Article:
The California Supreme Court recently held that an employer may reimburse employees for work-related expenses by increasing their salary or commissions. In Gattuso v. Harte-Hanks Shoppers, Inc., current and former outside sales reps of Harte-Hanks Shoppers claimed the company failed to reimburse them for work-related vehicle expenses. In response, Harte-Hanks cited its practice of paying outside sales reps higher base salaries and higher commission rates than its inside sales reps, with the increase intended to account for the expenses.
The Supreme Court affirmed the rulings of two lower courts, which found that Harte-Hanks' practice was lawful, and specifically held that the obligation to reimburse employees for work-related expenses may be fulfilled through increased compensation (salaries and/or commissions) rather than through separate reimbursement for the actual expenses. The lawfulness of this reimbursement option is contingent on the following:
- Employees must be able to challenge the sufficiency of the payment to cover actual expenses;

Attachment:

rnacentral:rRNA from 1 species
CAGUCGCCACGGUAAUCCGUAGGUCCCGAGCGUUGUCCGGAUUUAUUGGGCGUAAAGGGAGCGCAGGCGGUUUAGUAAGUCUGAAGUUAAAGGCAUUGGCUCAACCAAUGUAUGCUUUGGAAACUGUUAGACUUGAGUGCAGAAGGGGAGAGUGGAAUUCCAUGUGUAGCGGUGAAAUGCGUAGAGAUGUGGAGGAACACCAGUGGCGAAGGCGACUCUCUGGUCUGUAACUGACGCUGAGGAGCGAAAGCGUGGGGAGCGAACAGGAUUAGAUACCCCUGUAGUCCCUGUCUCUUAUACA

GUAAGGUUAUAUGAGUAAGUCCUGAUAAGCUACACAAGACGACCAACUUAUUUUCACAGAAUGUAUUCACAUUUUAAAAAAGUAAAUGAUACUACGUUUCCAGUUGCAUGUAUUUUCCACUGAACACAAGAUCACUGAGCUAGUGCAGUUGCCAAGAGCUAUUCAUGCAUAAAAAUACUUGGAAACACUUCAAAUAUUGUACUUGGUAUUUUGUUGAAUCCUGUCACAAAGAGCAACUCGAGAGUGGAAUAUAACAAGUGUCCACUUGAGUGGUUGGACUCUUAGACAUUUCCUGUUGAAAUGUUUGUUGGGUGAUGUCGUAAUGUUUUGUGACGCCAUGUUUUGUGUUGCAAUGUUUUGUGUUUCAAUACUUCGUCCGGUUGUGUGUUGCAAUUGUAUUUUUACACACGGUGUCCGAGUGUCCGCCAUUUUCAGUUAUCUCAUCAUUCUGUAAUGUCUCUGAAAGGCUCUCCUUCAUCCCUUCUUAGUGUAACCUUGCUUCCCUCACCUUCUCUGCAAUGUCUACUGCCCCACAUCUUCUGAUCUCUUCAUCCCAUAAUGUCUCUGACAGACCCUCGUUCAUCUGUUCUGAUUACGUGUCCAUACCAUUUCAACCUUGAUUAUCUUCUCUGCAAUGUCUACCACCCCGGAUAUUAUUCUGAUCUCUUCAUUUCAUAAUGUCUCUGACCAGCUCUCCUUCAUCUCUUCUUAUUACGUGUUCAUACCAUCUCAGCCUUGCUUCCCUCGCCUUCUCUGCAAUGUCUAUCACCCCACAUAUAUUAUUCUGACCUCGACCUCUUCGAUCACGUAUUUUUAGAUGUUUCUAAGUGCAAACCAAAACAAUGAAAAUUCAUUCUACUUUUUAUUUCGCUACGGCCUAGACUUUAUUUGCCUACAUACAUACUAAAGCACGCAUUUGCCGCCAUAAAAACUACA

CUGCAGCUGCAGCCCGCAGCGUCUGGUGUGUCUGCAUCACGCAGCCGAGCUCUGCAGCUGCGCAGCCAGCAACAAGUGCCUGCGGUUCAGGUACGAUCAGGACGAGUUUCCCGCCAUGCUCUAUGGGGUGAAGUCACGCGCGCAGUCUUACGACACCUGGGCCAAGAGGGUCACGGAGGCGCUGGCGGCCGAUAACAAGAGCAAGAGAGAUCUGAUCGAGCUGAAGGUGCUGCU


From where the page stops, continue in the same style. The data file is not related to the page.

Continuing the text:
- Employers must communicate to affected employees a method or formula that identifies the portion of the payment attributable to the reimbursement; and
- Employers must make up the difference, if any, between the reimbursement payment and the employee's actual expenses.
Further, the Supreme Court suggested (without specifically requiring) that employers separately identify (e.g., on a pay stub) the amounts attributable to labor performed and expense reimbursement.
Employers who opt to use increased compensation to meet their expense reimbursement obligations must comply with these requirements and document their compliance.